We express our condolences to and solidarity with all who have lost family, friends and homes in this shocking holocaust, made worse by the possibility that some of these fires were deliberately lit.
We salute the efforts of Victorian Country Fire Authority workers and all volunteers who have sacrificed time, effort and security and done everything in their power to halt the ravages of the fires. Emergency service workers battled for up to 30 hours without sleep trying to control the infernos, help the injured, and attend to the thousands left homeless.
The Victorian Labor government has called a royal commission into the tragedy. If that commission listens carefully to firefighters, emergency personnel and bush communities it will learn many truths, including that emergency services are severely underfunded, fire breaks and forest access tracks should be better maintained and high-risk areas better patrolled.
The commission must also ask why, in the middle of an unprecedented heat wave, after years of drought and predictions of extreme climate events, little seems to have been done to prepare for a disaster that was waiting to happen.
However, the commission will be a waste of time if it refuses to confront the underlying cause of the Victorian bushfire disaster—accelerating global warming and climate disruption.
The reality of climate emergency, which has been explained for years by eminent scientists, has been denied or downplayed by the mainstream politicians, or “treated” with completely inadequate policies like the Rudd government’s Carbon Pollution Reduction Scheme.
The record temperatures in Melbourne and in many parts of southeastern Australia last Saturday cannot be explained simply by natural variability. The hottest 14 years on record have occurred in the last 20 years.
Far from being a “one-in-a-thousand-years event” claimed by Victorian Premier John Brumby, bushfires like those in Victoria have been multiplying as average temperatures rise across eastern Australia. Extreme fire weather situations of mid-40s heat and strong winds have been increasing in frequency over the last ten years, and will continue to do so as climate change worsens.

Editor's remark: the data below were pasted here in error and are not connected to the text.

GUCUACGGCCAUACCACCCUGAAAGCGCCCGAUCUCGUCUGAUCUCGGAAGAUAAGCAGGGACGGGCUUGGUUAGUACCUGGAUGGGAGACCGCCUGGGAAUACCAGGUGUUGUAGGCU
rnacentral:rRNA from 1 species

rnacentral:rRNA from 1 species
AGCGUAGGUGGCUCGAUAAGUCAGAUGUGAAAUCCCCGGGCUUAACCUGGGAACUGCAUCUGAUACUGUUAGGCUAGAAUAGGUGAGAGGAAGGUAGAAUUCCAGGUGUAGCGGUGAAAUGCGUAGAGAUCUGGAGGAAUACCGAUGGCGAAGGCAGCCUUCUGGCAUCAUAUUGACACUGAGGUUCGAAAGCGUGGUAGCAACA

In the words of a Bureau of Meteorology colleague quoted by University of Adelaide climate scientist Professor Barry Brook: “Climate change is now becoming such a strong contributor to these hitherto unimaginable events that the language starts to change from one of ‘climate change increased the chances of an event’ to ‘without climate change this event could not have occurred’.''
he Socialist Alliance calls for greater resources for fire fighting and prevention, and appropriate land management, in the wake of this tragedy. However, the best and bravest fire-fighting in the world will be impotent before infernos like those that devastated country Victoria last weekend unless underlying causes are tackled.
Along with a serious effort at all levels of government to assess and mitigate the impact of global warming on our bush and country towns, Australia needs to invest billions of dollars in a “green New Deal” to cut its greenhouse gas emissions and to lead the way internationally by following the lead of programs like Al Gore’s call for 100% renewable energy by 2020.
The dreadful Victorian bushfires—like the disastrous floods in Queensland—are a dire warning that government cannot afford to ignore what the climate scientists tell them or to “balance” their views against those of the fossil fuel lobby. Global warming underlies this awful tragedy and the continued ignoring of scientific opinion about the climate emergency can only contribute to more such disasters.
'At risk' firies want urgent global warming action
February 18, 2009, issue
Bushfires: Just chance or climate change?
Editorial: Urgent climate action needed
Clive Hamilton: Birth of a new climate movement
Union solidarity for bushfire victims